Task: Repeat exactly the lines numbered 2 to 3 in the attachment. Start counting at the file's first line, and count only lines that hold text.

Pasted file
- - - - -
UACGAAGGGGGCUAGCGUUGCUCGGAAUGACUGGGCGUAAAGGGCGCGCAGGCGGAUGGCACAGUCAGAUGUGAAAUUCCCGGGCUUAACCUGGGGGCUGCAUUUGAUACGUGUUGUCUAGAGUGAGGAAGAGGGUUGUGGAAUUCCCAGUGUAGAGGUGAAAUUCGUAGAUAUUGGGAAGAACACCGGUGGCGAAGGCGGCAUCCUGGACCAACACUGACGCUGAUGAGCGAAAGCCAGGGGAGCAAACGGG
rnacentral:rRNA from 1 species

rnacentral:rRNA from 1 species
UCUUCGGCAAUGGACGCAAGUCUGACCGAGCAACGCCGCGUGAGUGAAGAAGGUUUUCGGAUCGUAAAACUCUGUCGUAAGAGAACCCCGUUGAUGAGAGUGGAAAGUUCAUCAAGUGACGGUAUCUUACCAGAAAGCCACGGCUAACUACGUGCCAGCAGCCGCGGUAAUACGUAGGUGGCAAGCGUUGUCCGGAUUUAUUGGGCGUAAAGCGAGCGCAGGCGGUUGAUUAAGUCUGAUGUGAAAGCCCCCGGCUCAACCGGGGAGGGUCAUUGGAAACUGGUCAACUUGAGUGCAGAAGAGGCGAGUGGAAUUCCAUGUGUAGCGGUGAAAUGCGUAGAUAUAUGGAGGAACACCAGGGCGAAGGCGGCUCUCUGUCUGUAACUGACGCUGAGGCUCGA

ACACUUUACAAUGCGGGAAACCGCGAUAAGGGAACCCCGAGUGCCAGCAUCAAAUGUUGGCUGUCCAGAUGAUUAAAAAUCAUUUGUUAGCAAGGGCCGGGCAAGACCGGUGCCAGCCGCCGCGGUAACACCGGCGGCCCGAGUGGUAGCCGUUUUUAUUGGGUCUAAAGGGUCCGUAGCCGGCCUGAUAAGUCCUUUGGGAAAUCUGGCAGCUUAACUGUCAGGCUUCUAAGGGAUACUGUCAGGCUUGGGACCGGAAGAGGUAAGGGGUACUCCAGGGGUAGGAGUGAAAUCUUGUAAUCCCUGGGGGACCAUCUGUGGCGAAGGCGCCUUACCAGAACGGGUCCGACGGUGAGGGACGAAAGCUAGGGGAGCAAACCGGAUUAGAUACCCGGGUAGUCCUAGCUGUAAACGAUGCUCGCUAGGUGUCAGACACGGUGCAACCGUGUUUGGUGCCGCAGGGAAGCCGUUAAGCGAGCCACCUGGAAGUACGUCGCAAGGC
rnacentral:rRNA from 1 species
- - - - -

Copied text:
rnacentral:rRNA from 1 species

rnacentral:rRNA from 1 species